An adjunct who was fired from his job at Northwest Arkansas Community College is getting his position back, the Associated Press reported. Terry Phillips lost his job after he made critical comments to a newspaper about a local judge who had been arrested. Phillips said he was "appalled" that the judge had not resigned. The judge's wife is a member of the college's board, the AP said. However, the adjunct is now being rehired.
Higher Education Quick Takes
Robert Felner, a former dean of education at the University of Louisville, was sentenced Monday to 63 months in prison for defrauding the university and the University of Rhode Island, where he had worked previously, of $2.3 million and for tax evasion, The Louisville Courier-Journal reported. In a plea agreement in January, Felner pleaded guilty to nine federal charges. Many professors complained that the university for years ignored complaints over Felner, who was highly successful at attracting grants and attention to the education school before the investigations of his conduct started.
California Gov. Arnold Schwarzenegger, a Republican, unveiled his latest proposed budget for 2010-11 on Friday and it doesn't propose cuts (and actually includes restoration of funds) for the state's three higher education systems. The news led to praise from leaders of the systems, but it is unclear whether the budget will survive. The governor's proposals may reflect a growing consensus in the state that cuts to higher education have been debilitating. However, the governor's budget plan includes such measures as the complete elimination of the state's major welfare program and of the main program to provide state subsidized child care -- and many legislators are vowing to save these and other programs.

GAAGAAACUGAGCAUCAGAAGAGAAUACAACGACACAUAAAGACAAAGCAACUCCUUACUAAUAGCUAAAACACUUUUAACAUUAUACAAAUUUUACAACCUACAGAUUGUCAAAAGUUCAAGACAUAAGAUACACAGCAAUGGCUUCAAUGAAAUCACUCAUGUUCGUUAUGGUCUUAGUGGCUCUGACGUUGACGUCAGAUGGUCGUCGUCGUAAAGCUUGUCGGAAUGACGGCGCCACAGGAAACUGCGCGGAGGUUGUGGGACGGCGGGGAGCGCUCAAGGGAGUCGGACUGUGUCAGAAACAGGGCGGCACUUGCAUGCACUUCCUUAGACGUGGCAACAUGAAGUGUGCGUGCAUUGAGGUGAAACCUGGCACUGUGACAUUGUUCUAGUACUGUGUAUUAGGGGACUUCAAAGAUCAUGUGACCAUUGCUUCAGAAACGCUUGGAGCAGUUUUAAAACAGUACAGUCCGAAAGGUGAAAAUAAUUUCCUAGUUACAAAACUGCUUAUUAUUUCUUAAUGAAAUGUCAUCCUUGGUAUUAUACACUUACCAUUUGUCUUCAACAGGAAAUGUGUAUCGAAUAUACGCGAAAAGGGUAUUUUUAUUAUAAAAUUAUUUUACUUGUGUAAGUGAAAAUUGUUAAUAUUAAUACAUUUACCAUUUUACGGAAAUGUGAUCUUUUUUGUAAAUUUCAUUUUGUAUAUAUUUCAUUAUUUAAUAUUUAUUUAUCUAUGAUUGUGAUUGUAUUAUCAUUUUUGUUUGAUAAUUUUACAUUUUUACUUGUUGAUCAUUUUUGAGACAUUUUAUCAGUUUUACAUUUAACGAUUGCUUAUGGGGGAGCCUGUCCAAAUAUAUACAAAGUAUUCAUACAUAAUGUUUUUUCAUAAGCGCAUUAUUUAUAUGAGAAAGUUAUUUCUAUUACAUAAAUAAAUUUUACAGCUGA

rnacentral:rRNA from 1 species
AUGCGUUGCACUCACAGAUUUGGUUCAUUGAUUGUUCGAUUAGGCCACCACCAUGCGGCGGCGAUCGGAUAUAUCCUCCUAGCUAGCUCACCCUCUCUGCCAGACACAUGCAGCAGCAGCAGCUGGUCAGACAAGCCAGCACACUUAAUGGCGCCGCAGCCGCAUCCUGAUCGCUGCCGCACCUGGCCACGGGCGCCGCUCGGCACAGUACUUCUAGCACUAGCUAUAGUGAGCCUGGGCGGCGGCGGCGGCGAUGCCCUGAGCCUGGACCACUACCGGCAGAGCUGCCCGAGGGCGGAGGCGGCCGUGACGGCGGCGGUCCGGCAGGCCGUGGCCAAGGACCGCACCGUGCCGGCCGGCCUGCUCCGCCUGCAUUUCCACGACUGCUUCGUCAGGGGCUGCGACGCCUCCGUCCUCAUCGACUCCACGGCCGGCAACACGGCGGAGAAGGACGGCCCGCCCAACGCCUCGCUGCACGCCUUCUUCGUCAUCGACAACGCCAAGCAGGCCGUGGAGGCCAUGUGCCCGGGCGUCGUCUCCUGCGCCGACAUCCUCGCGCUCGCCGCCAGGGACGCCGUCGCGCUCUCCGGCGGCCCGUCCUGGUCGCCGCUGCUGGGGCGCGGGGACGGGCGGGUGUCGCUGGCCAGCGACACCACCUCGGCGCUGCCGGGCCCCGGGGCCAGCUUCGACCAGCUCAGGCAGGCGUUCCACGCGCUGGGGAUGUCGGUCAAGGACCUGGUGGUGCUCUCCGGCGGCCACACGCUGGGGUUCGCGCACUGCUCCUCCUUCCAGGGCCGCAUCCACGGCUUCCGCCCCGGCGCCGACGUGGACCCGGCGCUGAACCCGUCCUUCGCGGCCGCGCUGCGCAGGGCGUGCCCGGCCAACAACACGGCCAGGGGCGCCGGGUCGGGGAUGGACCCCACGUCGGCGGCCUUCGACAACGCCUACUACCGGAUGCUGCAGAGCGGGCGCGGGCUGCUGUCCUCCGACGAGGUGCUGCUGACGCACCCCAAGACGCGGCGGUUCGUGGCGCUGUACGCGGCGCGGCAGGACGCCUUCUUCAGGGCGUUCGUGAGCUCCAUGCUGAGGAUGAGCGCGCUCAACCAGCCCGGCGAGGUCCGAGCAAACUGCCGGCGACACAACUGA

Clotilde Reiss, a French academic, was permitted to return home from Iran 10 months after she was arrested on various charges that she denied, AFP reported. Reiss was conducting research in Iran and also teaching French at the University of Isfahan at the time of her arrest.
Albion College's board approved a series of cuts Friday that include 15 full-time faculty positions. The college is eliminating academic majors in computer science and physical education and minors in dance, journalism and physical education. College officials said that the changes were needed to preserve quality following enrollment declines. Many faculty members have questioned the process the board used, and said that it eliminated past protections for professors' role in evaluating academic changes and for preserving tenure.
Faculty members at the University of Wisconsin at Superior voted 75 to 5 last week to unionize, and will now be represented by a campus chapter of the American Federation of Teachers. The vote is the first on unionization in the university system since a state law last year permitted collective bargaining for faculty members in the University of Wisconsin. The AFT has organizing drives under way throughout the system and a vote is about to take place at the university's Eau Claire campus.